Tuesday, May 17, 2016

The Daily Calving Report in Kindergarten

You just might be from a farming community when calving is a big deal in your classroom. For my big city colleagues, calving happens in late winter-early spring on Canadian beef farms when mama cows give birth to baby calves. When a farmer's cows are calving, it requires frequent checks at all hours of the day and night, and sometimes farmers have to help the cow give birth. Once the calf is born, it has to be tagged and documented. Many issues can arise during calving--emergency c-sections, mothers and babies that die, calves that won't drink, and mothers who reject their babies. In farming families, calving and the resulting successes and challenges are a frequent topic of conversation and there is no doubt that my little people are impacted by this. Some of my young learners check cows with their parents and bottle-feed calves. These little farmers can tell you the tag numbers of their favourite animals and use terms such as heifer, steer, cow, calf, and bull correctly. So after a number of days of children spontaneously reporting on calving on their farms, I decided to turn it into a learning experience. Giving my students' the support to pursue their interests while connecting it to curricular outcomes is hugely important to me, and it seems that these learning experiences can never be planned in advance--they just happen.

We began by including a hundred chart in our SMART Board calendar. Every student created a coloured, semi-transparent square to place on the chart to mark the number of calves on their farm. If students didn't have cattle of their own, they were related to someone who did--students reported on their grandparents' cattle for example.

After we recorded our calving numbers on the chart, we made comparisons among the numbers. I made a point of explaining that it wasn't a contest to see who had the most calves, but a way for us to learn more about numbers and share what was happening on our farms. However, that didn't stop my students from taking great joy in having more calves than Mrs. Caldwell most days!

My local co-op feed and hardware store was kind enough to give each of my students their very own calving record book (the kind that real farmers use). So each day, we recorded our calving totals in our record books. This gave the students an opportunity to practice printing numbers as well as copying the date off the SMART Board (strengthening visual-motor coordination in preparation for Grade 1).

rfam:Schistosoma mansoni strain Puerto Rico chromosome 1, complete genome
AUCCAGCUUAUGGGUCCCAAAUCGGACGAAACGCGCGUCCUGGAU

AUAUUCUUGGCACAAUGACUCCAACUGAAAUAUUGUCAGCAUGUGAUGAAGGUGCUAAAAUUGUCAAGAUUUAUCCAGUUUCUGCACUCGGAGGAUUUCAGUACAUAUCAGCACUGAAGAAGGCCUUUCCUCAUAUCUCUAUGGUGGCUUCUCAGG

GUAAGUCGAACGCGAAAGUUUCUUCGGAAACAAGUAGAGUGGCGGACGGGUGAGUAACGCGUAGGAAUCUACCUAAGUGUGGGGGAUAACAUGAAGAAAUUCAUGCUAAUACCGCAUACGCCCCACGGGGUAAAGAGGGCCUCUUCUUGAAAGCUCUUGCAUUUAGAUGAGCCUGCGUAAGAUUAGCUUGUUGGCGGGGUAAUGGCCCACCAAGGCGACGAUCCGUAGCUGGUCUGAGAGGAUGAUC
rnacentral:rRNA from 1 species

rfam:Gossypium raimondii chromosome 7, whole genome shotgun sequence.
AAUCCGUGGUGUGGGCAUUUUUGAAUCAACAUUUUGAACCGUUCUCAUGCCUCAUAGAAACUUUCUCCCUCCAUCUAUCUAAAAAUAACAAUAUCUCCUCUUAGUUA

Next we represented our numbers to share with our school population and through social media. We tried to represent our calving totals in different ways. 
 Using bingo dabbers to stamp our number on a hundred chart
 Use hand prints in fives and tens then printing the number
 Colouring our total on a hundred chart
Representing our numbers using ten frames
We displayed our daily calving report in the hallway outside our classroom. Lots of people looked at it and asked us questions about it. My students were eager to explain what was happening with calving, confidently using numbers from 1-300! 

Lastly, our daily calving report provided an opportunity for real-life problem-solving. This allowed us to explore early multiplication and skip counting. 

This learning activity was a huge success for a number of reasons:
-it emerged directly from my students' interests and students were highly motivated and engaged
-it fostered strong connections with families and extended families
-it underscored the importance of agriculture and helped kids take pride in their agricultural operations
-it provided an extremely relevant way for students to explore, represent, and compare numerals and quantities from 1-300 

Agriculture is an extremely important industry in rural Manitoba, and I'm proud to say that as young as kindergarten, we are contributing to the next generation of farmers!

"That's the thing about farming...you clock in at age 5 and never truly clock out." -Unknown

1 comment:

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